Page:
Being a modern-day rock star like Miguel may seem like the life everyone dreams of, but no matter who you are, being away from home for months at a time comes with a price. For one, even the most casual shoppers are forced to reduce their wardrobe to a single suitcase. And for someone like Miguel, who's seemingly always groomed to perfection, a regimen could prove hard to replicate without the familiarity of his own medicine cabinet. So, as he hits the road for his Wildheart tour, which starts in North America and heads overseas this fall, we talked to the silky smooth crooner about how he manages to pack light, how he keeps his body (read: eight-pack abs) looking fresh, and how he can bounce back from a long night out and still tear the house down on stage the very next day.
What kind of bag do you bring with you on tour? I have two bags. One is a Gucci duffle bag that I use between hotel and venue—it's really understated—and I have one big Tumi bag, which is for my clothes and whatnot. I've had both bags for quite some time. I love Tumi because they make products that are functional, durable, and if anything happens with it, they replace it. And you know how men are, like, we're rough with our shit. So it's nice that they'll just replace it.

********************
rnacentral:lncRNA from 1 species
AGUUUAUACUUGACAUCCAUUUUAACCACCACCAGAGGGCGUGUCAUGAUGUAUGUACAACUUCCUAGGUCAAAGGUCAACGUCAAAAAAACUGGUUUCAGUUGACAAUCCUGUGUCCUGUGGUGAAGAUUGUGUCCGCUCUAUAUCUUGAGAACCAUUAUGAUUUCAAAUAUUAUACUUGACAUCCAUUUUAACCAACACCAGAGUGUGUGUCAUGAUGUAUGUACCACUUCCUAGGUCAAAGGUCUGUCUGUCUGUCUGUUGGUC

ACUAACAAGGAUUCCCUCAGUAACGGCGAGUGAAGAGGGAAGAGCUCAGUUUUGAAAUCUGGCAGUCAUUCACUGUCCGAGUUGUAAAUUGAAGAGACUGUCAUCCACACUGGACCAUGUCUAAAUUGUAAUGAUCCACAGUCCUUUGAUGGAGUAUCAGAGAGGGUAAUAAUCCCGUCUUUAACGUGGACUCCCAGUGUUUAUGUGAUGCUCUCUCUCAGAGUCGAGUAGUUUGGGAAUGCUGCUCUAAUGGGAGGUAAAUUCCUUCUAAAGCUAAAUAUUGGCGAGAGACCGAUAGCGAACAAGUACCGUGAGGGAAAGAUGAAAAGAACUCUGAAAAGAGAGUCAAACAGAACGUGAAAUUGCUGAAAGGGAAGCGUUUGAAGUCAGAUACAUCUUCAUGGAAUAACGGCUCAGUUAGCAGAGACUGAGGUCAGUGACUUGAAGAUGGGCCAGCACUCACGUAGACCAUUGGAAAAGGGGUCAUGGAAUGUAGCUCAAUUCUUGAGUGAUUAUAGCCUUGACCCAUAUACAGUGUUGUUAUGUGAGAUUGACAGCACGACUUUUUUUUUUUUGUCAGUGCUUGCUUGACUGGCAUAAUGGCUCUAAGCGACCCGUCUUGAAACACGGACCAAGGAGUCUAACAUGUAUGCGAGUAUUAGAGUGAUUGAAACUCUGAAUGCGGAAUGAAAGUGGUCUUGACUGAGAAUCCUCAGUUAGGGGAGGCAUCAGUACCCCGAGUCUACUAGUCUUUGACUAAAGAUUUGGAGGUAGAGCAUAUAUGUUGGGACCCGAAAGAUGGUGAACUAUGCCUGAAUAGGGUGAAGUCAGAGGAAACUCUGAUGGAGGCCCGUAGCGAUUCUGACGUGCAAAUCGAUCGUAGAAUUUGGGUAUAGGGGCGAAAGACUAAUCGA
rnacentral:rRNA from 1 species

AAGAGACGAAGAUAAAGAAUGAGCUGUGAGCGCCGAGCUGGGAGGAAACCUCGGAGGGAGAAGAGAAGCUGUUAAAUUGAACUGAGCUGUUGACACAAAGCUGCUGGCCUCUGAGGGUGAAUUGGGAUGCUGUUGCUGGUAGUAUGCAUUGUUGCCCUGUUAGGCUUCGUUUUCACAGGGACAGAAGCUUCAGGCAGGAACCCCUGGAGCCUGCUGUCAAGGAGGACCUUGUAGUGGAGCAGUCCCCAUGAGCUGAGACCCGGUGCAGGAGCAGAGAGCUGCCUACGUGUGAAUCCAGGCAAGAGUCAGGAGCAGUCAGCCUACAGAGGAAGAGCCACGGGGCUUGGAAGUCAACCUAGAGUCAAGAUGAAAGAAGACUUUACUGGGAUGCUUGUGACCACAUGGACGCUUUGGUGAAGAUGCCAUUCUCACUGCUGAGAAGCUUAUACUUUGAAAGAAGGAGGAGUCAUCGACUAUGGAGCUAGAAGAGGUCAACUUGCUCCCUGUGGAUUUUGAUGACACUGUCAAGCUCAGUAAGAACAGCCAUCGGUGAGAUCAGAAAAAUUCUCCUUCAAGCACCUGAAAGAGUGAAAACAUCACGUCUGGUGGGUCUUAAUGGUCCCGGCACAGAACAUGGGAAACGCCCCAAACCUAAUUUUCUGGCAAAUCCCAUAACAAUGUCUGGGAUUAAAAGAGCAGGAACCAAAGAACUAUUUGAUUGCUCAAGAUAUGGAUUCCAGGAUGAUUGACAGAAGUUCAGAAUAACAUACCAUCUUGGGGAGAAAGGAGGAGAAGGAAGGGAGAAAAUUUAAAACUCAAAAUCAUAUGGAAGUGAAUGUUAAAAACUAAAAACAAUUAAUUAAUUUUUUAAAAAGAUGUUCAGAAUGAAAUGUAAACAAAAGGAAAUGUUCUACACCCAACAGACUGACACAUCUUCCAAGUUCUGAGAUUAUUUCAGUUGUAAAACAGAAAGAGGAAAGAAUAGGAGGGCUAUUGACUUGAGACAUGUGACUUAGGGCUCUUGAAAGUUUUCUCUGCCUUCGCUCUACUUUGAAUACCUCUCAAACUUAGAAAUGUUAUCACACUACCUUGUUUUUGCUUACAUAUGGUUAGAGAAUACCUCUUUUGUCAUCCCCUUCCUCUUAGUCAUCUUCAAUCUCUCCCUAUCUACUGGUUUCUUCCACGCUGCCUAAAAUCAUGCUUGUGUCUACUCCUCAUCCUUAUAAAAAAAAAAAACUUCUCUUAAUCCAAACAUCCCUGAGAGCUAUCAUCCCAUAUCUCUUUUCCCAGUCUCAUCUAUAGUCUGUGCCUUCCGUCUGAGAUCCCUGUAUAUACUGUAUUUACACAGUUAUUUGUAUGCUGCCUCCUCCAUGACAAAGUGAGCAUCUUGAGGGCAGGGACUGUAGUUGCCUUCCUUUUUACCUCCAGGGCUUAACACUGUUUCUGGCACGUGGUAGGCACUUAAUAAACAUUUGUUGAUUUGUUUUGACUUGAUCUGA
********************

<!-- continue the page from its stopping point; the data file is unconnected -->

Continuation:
How do you decide which clothes to bring with you on tour and which to leave at home? The great thing about my personal style is that I'm generally a jeans and T-shirt guy. If you look at my style, it's basically the same silhouette. I wear oversized T-shirts, usually plain, and jeans. And if I'm not wearing denim, it's always in that same jeans silhouette. So that's pretty easy. The hard part is figuring out the accessories. You know, like what jewelry I'm bringing, what scarves, what boots. Normally I'll bring five pairs of jeans, ten shirts, a couple pairs of workout shoes because you need to get your workouts in on the road—you know, meditation—and then, like, four pairs of boots. Then I bring one pair of sneakers which are really just for traveling through the airport to make it a bit easier.